So long, Live PD — and viewer choice

7 mins read



First they came for Gone with the Wind and I said nothing, mainly because Gone with the Wind is overrated and antiquated trash, but also because it hasn’t disappeared. No matter whether HBO Max decides to stream it, the film is still widely available to anyone who wants to waste four hours of their lives on it. Then they came for Live PD, which does nothing more than point cameras in real time at law enforcement, and I said … huh?

A&E canceled their top-rated show, practically their tentpole, because ratings must not matter much any more:

A&E has canceled its flagship series and one of the highest-rated shows on basic cable. A week after Live P.D. was pulled in the wake of George Floyd’s death, the reality series’ hiatus has been made permanent.

The decision was made jointly by A&E and MGM’s Big Fish Entertainment, which produces the series.

“This is a critical time in our nation’s history and we have made the decision to cease production on Live PD,” the network said in a statement to Deadline. “Going forward, we will determine if there is a clear pathway to tell the stories of both the community and the police officers whose role it is to serve them. And with that, we will be meeting with community and civil rights leaders as well as police departments.”

Full disclosure: I am, or rather was, a big fan of Live PD and its offshoots, Live PD Cam and Live PD Wanted. Not only did I find it entertaining, thanks to the hosts of the show — Dan Abrams and former law-enforcement officers Tom Morris Jr and Sean “Sticks” Larkin — I found it very educational as well. For instance, the unreasonableness of the force used against George Floyd is even more stark after watching other law-enforcement officers routinely deal with detainees, even those who resist arrest. The transparency the show provided on day-to-day law enforcement had a value beyond its ratings. And don’t forget about all the missing children that Live PD featured and helped find, too.

But let’s talk about the ratings too, which are the lifeblood of TV entertainment and income. Supposedly, the issue was that neither the channel nor the production company could see “any path forward” for doing a show that only had to point cameras in real time at police work that would take place with or without the cameras present, and which had a proven vast and loyal audience. Cops is a somewhat different case, in that it tapes the interactions and edits them later into episodes. Live PD‘s structure dispensed with narrative over immediacy and transparency. And people watched it in droves, creating a loyal fan base. It must have made A&E tons of money, and for a relatively moderate investment.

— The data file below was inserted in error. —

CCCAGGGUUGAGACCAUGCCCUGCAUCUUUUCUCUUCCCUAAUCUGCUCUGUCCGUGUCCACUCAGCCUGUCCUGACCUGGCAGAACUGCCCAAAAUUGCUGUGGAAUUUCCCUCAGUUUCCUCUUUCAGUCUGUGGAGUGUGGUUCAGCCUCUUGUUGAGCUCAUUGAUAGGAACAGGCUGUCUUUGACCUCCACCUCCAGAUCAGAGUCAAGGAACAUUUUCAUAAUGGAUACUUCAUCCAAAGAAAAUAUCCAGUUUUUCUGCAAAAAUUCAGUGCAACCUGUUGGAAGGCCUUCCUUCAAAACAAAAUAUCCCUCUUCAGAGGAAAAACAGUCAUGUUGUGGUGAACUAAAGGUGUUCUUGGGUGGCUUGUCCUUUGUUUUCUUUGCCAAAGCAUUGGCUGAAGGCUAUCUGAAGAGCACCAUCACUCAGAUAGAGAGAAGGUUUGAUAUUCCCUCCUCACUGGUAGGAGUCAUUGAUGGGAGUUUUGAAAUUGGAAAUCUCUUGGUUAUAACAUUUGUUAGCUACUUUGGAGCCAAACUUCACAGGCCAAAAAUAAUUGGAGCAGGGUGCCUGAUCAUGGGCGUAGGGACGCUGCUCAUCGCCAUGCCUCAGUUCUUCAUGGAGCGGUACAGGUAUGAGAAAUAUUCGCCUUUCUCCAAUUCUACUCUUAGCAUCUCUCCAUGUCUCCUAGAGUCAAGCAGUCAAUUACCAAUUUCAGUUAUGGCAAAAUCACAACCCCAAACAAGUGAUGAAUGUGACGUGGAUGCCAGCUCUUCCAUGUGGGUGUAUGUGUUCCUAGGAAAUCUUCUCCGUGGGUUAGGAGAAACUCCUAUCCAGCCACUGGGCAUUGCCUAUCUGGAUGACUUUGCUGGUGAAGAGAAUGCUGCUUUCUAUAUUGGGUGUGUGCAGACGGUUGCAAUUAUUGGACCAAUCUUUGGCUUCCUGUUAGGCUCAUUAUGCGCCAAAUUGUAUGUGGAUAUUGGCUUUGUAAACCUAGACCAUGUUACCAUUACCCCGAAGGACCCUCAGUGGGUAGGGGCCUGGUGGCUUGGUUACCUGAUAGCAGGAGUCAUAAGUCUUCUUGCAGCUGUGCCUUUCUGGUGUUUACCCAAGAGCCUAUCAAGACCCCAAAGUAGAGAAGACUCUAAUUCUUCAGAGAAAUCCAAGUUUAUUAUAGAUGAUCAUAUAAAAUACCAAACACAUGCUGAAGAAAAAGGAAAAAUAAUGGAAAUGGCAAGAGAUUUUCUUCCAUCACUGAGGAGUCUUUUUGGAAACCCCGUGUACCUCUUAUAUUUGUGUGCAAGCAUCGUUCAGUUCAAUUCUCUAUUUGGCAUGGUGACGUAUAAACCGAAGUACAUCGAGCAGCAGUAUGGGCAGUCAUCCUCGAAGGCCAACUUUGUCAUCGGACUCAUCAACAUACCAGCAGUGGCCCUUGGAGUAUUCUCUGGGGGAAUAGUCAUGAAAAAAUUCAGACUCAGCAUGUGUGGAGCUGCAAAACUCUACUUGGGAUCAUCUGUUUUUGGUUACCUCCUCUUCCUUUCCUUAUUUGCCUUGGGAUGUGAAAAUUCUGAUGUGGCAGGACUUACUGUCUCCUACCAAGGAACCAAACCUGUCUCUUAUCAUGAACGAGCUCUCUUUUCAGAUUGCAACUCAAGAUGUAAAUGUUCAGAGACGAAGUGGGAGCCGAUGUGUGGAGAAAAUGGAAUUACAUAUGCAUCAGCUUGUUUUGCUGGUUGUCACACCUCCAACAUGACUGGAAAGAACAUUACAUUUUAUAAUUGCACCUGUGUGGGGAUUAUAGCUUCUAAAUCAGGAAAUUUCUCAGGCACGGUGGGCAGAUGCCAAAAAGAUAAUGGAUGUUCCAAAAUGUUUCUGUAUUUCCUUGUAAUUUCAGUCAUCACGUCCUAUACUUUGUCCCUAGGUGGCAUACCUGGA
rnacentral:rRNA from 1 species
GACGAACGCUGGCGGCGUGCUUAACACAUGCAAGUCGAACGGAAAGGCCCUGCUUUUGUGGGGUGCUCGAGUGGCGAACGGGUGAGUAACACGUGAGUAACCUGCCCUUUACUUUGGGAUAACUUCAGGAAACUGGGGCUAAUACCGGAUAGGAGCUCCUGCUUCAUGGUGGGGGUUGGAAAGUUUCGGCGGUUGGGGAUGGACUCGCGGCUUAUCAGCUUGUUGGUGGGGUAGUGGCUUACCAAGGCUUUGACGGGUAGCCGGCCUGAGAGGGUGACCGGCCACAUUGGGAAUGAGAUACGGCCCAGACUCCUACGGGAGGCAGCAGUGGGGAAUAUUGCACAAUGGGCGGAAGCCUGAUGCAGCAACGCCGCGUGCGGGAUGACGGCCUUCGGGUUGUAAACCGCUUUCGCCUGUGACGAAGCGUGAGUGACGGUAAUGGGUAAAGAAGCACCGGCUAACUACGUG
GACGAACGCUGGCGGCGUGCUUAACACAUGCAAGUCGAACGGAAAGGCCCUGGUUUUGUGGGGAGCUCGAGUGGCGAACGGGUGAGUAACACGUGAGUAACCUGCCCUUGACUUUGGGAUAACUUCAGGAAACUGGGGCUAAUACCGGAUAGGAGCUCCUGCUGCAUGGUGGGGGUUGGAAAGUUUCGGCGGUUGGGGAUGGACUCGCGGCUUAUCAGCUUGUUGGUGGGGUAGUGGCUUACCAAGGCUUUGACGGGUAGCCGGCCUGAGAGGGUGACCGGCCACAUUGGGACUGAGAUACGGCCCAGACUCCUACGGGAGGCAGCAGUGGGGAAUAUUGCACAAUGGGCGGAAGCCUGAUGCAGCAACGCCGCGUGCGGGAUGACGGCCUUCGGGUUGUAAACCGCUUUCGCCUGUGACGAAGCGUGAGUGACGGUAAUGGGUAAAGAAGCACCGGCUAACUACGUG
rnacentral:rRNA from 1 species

If the ratings and loyal viewer base disappeared because of the anger over the George Floyd homicide, then cancellation would be understandable. It’s still an open question as to whether people might lose their taste for the show after all of the unrest of the last couple of weeks. But why not wait to let the viewers make that decision on their own? If the ratings collapsed, then the “no way forward” conclusion might make sense.

The obvious conclusion is that ratings and viewers don’t actually matter to A&E. Or, perhaps more accurately, ratings and viewers matter less to A&E than pretensions to “wokeness.” And in this case, education and transparency regarding law enforcement will lose out to corporate virtue-signaling.

Abrams apparently got blindsided by the decision, and was understandably upset by it. After all, he delivered the ratings and the viewer loyalty that any network would desire:

Maybe another cable network might enjoy that viewer base and ratings. Don’t bet on it, though, because we’re in for a long season of our cultural elites dictating to us what we should watch, read, and believe.

Addendum: No really, Gone with the Wind is a terrible film with the most annoying protagonist in supposedly “classic” cinema, not to mention its “Lost Cause” sympathies and glossing over of slavery. Its source material, Margaret Mitchell’s novel, is even worse on all counts. But I’d fight for the right of anyone who wanted to watch/read them to have access to to both. Besides, I routinely rewatch Battlefield Earth as one of the better unintentional comedies of the last generation. Your tastes might vary, which is the point.





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